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iVillage.com: The Biggest Health Trends of 2013

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Diets Focused on Food Sensitivities

We saw gluten-free diets explode this past year, and the trend will continue as new programs pop up aimed at avoiding food sensitivities. In addition to gluten, look for soy, dairy and healthy sugars to be on the food sensitivity list, says J.J. Virgin, a certified nutrition specialist and author of "The Virgin Diet."

Why scratch these from your diet? Soy is a ubiquitous food that's been incorrectly labeled as healthy, though it made into everything from soy dogs to soy ice cream. In reality, soy is a highly reactive food (meaning it can cause sensitive or allergic reactions) that's been linked to several cancers, thyroid issues and is a high-pesticide, genetically modified organism (GMO) food, says Virgin. “Asian cultures typically use fermented soy like miso or tempeh, which can be healthy in small amounts if you don't react to soy, but the processed soy stuff is just junk food in disguise.” And Virgin isn’t crazy about dairy, either. “Dairy is another highly reactive food that could create inflammation and may trigger several skin problems like acne and rosacea, and I am happily seeing more dairy alternatives in the supermarket these days, such as coconut milk and almond milk,” she says.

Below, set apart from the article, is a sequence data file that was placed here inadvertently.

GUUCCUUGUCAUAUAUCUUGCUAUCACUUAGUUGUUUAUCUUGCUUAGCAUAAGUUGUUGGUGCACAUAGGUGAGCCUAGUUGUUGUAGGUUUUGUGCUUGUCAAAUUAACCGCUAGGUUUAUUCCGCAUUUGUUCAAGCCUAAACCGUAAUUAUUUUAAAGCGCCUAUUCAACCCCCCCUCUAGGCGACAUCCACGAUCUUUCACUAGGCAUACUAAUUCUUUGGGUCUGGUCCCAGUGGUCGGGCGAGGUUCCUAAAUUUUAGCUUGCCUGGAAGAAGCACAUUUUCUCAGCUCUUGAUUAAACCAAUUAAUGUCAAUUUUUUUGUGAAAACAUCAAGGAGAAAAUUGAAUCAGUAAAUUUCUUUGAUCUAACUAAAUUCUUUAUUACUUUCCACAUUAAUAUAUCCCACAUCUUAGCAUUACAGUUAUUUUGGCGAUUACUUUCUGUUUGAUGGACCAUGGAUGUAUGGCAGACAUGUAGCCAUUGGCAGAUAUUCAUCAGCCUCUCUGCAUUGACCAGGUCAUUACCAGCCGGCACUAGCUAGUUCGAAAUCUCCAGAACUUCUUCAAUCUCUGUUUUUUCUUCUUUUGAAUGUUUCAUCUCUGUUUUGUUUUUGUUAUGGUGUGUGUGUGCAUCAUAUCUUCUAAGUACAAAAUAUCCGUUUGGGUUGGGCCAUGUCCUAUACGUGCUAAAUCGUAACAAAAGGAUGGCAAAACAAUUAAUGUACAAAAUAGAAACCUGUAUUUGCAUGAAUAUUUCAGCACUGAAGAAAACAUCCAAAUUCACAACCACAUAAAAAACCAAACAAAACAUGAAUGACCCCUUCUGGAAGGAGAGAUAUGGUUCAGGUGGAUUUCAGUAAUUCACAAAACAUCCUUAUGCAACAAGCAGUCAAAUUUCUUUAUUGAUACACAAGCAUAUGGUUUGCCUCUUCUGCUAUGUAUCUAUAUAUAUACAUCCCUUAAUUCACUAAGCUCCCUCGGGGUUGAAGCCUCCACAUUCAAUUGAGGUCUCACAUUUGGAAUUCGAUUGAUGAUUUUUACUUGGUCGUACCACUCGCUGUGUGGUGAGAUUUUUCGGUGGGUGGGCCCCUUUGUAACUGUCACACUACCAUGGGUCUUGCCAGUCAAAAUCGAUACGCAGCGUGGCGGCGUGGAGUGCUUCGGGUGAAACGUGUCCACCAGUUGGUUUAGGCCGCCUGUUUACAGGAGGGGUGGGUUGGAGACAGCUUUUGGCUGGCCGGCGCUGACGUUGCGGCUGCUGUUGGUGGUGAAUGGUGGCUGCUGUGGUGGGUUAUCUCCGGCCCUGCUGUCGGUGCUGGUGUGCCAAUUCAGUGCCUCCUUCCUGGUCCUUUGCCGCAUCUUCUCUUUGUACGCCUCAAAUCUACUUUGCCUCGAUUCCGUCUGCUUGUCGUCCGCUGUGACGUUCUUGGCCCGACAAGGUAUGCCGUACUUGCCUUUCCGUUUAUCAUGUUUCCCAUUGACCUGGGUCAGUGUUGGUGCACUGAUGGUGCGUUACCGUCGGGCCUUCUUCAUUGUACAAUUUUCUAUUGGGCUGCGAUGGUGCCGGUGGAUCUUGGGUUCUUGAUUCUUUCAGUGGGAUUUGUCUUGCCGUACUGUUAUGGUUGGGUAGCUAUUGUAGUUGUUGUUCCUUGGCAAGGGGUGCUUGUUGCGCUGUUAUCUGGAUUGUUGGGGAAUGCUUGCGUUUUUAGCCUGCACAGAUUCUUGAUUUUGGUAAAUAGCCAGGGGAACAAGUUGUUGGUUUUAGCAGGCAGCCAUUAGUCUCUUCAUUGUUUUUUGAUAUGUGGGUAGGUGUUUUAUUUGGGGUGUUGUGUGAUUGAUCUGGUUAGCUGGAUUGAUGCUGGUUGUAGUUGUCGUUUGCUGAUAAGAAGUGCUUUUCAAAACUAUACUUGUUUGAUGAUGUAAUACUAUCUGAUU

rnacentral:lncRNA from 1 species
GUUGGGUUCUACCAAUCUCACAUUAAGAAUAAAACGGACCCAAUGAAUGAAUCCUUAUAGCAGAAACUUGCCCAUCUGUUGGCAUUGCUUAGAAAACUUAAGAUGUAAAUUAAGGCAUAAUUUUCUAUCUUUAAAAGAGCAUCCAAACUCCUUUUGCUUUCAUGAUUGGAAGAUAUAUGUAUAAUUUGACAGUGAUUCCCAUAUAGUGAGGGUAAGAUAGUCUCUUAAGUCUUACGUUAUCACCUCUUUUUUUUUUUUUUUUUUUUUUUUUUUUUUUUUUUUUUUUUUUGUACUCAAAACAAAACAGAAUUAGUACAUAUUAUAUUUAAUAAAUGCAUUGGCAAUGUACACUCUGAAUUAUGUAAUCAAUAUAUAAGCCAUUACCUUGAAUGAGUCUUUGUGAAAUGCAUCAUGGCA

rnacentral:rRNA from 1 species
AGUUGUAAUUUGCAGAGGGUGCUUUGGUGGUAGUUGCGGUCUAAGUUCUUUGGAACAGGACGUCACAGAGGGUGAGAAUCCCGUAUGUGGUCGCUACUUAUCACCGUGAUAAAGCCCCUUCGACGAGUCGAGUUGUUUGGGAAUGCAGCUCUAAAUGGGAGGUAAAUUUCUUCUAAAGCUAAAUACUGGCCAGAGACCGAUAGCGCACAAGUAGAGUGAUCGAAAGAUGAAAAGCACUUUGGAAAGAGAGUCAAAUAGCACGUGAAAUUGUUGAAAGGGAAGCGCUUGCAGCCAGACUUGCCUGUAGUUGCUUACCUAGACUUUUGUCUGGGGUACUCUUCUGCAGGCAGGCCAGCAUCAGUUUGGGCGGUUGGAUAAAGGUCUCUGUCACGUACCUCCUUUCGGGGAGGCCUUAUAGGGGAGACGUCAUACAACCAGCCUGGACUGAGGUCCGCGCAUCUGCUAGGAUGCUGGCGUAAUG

It’s also time to get rid of the trend of using so-called healthy alternative sweeteners, says Virgin. “People are using a lot of honey, agave and that sort of thing, not aware that these things still break down to sugar in your body. Agave is the worst. It is up to 97 percent fructose, which can create liver problems and inflammation. Excess sugar becomes triglycerides in the liver, which stores as fat,” explains Virgin. She recommends using monk fruit, a new kind of no-calorie sweetener made from actual monk fruit, xylitol, erythritol or stevia as sweeteners instead.

(CREDIT: John Carey/Photolibrary/Getty Images)
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The opinions expressed are solely those of the author and do not necessarily reflect the views of Comcast.

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